A similar view was taken in the case of The Associated Mills Ltd. & Ors. [ ILR (1974) 1 Delhi 790] in which the Court took note of the position that in common law the liability of a common carrier is equivalent to that of an insurer.
Similar view has also been taken by Bombay High Court in M/s Road Transport Corporation and others vs. Kirloskar Brothers Ltd. [AIR 1981 Bom 299]. In Kerala Transport Division Bench of the High Court of Kerala considering the question whether, if the defendant has failed to deliver the goods not on account of any negligence or carelessness, would the defendant be liable; answered the question in the affirmative. The Court reiterating the position of a carrier in India as noted above held that it is only those causes which can be traced to natural causes as opposed to human agency that can be said to be acts of God and that can therefore be an answer to claim for absolute liability. The Court further held that if the defendant was trying to answer the liability on the basis of the terms of the special contract he would have to show what reasonable protection he took against the fire. The Court placed [AIR 1971 Kerala 197] .
A similar view was also taken by the Patna High Court in the case of Banwari Lal Podar vs. Road Transport Corporation (AIR 1989 Patna 303). Therein it was held that from a perusal of the section 8 and 9 of the Carriers Act, 1965 it is clear that the burden of proof that there was no criminal act or negligence on the part of the carrier or its agents or servants is upon the plaintiff.
Our attention was also drawn to a decision of this Court in Bharathi Knitting Company vs. DHL Worldwide Express Courier Division of Airfreight Ltd. [ (1996) 4 SCC 704] wherein this Court considered thequestion when parties have contracted and limited their liabilities, whether the State/National Commission could go behind the terms of the contract and give relief for damages in excess of the limit prescribed under the contract. This Court interpreting the provisions of section 2(1)(g), 19 and 23 of the Consumers Protection Act, 1986 held :
It is true that the Act is a protective legislation to make available inexpensive and expeditious summary remedy. There must be a finding that the respondent was responsible for the deficiency in service, the consequence of which would be that the appellant had incurred the liability for loss or damages suffered by the consumer due to deficiency in service thereof. When the parties have contracted and limited their liabilities, the question arises: whether the State Commission or the National Commission under the Act could give relief for damages in excess of the limits prescribed under the contract ? xxxxxxxxx xxxxxxxx xxxxxxxxx It is true, as contended by Mr.M.N. Krishnamani, that in an appropriate case, the Tribunal without trenching upon acute disputed question of facts may decide the validity of the terms of the contract based upon the fact situation and may grant remedy. But each case depends upon its own facts.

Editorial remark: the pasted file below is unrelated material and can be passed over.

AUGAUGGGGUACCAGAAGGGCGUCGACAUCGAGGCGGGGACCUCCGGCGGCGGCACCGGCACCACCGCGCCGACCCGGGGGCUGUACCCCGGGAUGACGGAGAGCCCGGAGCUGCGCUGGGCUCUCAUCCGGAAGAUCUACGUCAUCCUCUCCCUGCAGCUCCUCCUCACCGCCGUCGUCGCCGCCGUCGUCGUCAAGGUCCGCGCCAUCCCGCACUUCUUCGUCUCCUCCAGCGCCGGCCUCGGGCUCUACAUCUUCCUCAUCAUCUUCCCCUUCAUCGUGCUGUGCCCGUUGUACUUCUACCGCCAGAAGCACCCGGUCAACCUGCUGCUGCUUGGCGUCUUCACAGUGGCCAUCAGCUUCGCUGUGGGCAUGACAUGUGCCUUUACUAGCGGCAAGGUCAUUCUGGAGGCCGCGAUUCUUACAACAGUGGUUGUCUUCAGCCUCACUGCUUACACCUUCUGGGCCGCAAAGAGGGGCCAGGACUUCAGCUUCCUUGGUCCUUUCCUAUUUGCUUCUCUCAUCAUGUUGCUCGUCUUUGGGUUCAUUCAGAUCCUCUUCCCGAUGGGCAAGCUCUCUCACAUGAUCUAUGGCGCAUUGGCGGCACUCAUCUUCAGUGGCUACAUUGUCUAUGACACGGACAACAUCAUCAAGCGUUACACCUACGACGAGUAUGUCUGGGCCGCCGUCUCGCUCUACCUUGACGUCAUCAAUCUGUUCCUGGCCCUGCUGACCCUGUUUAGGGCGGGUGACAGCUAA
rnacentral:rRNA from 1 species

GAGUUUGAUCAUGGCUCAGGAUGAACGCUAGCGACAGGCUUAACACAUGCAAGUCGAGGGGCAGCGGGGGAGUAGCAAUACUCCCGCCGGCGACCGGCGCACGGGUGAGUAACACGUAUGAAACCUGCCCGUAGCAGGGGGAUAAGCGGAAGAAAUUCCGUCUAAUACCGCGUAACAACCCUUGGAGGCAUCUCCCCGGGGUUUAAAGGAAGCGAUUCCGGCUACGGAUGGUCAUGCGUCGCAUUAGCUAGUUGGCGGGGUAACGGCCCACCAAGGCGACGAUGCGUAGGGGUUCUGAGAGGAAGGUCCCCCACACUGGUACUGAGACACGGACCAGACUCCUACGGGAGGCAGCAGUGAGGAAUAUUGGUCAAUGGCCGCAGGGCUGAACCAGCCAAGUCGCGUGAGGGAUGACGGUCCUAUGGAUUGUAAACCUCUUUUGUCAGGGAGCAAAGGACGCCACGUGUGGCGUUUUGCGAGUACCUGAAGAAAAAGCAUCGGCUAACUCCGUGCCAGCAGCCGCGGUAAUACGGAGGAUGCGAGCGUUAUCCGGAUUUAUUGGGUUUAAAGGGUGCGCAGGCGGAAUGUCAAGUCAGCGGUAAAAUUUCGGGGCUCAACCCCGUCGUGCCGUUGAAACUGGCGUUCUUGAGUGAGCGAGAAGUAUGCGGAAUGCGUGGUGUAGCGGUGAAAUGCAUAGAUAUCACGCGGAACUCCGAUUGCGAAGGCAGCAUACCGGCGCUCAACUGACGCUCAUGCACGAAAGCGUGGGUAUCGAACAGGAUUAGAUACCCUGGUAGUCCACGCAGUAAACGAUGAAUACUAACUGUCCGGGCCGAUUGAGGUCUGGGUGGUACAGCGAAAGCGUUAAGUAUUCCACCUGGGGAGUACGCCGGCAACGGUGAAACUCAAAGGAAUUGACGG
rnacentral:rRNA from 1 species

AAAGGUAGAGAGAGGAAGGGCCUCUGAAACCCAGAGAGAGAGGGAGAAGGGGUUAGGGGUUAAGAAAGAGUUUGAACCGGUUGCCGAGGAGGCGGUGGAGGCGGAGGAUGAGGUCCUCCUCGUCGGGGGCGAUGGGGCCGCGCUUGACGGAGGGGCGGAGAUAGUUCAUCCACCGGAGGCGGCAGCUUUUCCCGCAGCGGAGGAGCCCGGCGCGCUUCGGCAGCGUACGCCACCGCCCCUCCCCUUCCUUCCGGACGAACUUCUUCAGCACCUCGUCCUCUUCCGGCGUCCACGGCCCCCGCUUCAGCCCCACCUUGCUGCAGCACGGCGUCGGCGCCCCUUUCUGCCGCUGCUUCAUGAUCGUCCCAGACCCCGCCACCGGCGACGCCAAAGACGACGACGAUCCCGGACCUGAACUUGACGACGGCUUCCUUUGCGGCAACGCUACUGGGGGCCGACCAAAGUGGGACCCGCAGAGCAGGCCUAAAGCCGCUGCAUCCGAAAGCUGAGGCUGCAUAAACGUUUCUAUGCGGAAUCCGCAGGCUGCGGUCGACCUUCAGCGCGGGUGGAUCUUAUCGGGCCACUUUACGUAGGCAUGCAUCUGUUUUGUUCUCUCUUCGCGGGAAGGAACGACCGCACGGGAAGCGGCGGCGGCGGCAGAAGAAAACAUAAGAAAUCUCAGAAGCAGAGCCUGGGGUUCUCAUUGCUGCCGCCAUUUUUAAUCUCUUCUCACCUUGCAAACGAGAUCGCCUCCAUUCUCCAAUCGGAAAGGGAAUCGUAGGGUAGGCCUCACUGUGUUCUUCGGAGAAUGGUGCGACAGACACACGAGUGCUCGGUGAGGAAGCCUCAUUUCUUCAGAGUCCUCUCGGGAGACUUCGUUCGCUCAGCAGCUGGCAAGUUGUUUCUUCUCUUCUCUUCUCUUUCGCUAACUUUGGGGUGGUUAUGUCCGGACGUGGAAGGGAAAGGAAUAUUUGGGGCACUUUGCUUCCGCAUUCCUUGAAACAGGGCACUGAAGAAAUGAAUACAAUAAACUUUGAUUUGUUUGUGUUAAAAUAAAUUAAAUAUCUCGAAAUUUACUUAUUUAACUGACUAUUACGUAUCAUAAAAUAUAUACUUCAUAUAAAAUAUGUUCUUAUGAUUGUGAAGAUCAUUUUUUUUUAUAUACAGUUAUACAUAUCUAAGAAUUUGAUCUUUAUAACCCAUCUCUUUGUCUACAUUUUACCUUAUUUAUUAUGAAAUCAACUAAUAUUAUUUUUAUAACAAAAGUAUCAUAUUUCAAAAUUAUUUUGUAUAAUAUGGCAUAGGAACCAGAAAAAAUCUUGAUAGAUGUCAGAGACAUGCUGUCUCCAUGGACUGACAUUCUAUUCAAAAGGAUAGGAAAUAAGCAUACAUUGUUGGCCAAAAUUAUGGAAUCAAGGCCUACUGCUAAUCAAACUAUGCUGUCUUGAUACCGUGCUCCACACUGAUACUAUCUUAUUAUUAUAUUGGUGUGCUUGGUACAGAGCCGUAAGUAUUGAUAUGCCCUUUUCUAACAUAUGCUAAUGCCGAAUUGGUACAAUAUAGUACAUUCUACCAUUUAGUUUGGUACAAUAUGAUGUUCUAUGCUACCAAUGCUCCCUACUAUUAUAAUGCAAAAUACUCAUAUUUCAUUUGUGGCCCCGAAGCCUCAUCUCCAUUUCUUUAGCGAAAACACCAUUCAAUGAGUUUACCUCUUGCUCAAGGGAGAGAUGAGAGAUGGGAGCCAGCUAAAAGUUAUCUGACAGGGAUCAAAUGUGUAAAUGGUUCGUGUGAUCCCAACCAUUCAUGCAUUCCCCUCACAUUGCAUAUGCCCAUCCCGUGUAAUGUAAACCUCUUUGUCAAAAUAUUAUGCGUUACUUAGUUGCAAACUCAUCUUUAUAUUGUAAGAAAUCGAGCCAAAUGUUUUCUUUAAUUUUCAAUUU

In an appropriate case where there is an acute dispute of facts necessarily the tribunal has to refer the parties to original civil court established under the CPC or appropriate State law to have the claims decided between the parties. But when there is a specific term in the contract, the parties are bound by the terms in the contract.
This decision is of little assistance to the appellant since the contentions raised by them before us herein were not considered by this Court therein.
From the conspectus of views taken in the decisions of different High Courts noted above it is clear that the liability of a common carrier under the Carriers Act is that of an insurer. This position is made further clear by the provision in section 9, in which it is specifically laid down that in a case of claim of damage for loss to or deterioration of goods entrusted to a carrier it is not necessary for the plaintiff to establish negligence. Even assuming that the general principle in cases of tortious liability is that the party who alleges negligence against the other must prove the same, the said principle has no application to a case covered under the Carriers Act. This is also the position notwithstanding a special contract between the parties. These principles have held the field over a considerable length of time and have been crystallized into accepted position of law. No good reason has been brought to our notice to persuade us to make a departure from the accepted position. Therefore we reiterate the position of law noticed above. The consequential position that follows is that the contention of Shri Ashok Desai learned senior counsel, that the respondents herein having failed to establish negligence on the part of the appellant, their claim for damages should be rejected, cannot be accepted.